The mother of a nine-year-old boy in the UK says she fears for his life after his access to medical cannabis drugs was cut off because of Brexit.
Alfie Dingley suffers from a severe form of epilepsy that used to lead to 150 seizures a week, and his mother campaigned successfully for British doctors to be allowed to prescribe medical cannabis in 2017.
But in a letter dated 15 December, the Department of Health and Social Care (DHSC) said that “dispensing finished cannabis oil (Bedrocan products) in the Netherlands against prescriptions from UK prescribers is no longer an option from 1 January 2021”.
Hannah Deacon, the mother of nine-year-old Alfie, told the Guardian she is furious that the government only gave two weeks’ notice of the change, and called the termination of supply “terrifying”.
“They [the DHSC] said they understand our concern but they can’t do anything. Well, let me tell them, it is not concerning, it is terrifying,” she said.
IMs Deacon says medical cannabis products saved her son’s life, and he is now seizure-free.
She rushed to secure about two months’ worth of medicine before the end of the Brexit transition period, but adds that this “is not long”.
She said she was “really angry” about the lack of time they were given and “lack of empathy” by the authorities, saying that being told simply to swap to another medicine was “grossly unacceptable”.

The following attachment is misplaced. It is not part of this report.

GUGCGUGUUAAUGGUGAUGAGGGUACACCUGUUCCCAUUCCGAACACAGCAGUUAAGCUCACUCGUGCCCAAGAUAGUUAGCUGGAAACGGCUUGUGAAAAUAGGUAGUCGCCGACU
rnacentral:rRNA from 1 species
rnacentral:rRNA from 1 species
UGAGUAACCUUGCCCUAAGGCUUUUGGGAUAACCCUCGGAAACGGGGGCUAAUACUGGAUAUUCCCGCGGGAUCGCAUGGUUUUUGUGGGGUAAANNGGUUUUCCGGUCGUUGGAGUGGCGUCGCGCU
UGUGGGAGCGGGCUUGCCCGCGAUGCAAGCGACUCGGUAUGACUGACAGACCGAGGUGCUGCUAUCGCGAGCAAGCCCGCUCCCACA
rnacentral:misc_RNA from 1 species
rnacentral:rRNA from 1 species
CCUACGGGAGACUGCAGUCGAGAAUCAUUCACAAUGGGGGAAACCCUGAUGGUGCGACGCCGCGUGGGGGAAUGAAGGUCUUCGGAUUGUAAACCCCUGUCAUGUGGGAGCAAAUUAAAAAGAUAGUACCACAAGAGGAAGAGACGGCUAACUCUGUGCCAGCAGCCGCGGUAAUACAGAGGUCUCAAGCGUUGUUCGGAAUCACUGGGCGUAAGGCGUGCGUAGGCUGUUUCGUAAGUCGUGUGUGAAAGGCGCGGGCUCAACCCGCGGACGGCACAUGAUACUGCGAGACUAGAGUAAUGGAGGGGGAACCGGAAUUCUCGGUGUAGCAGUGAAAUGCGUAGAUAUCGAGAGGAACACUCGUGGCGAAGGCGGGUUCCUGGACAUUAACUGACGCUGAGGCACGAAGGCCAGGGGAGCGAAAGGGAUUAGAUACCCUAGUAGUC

“It’s very, very dangerous and I’m really frightened about what is going to happen,” she said.
Campaigners have also raised concerns over the termination of medical cannabis supplies from the Netherlands to the UK, calling it a “matter of life and death” for at least 40 children with similar conditions to Alfie.
Neurologist Mike Barnes told the Guardian that the urgency of the situation is not being exaggerated, and one in two of these children “will die” if the medication is cut.
A Department of Health and Social Care spokesperson said: “We sympathise with patients dealing with challenging conditions and there is a range of alternative cannabis-based medicines available to UK patients.”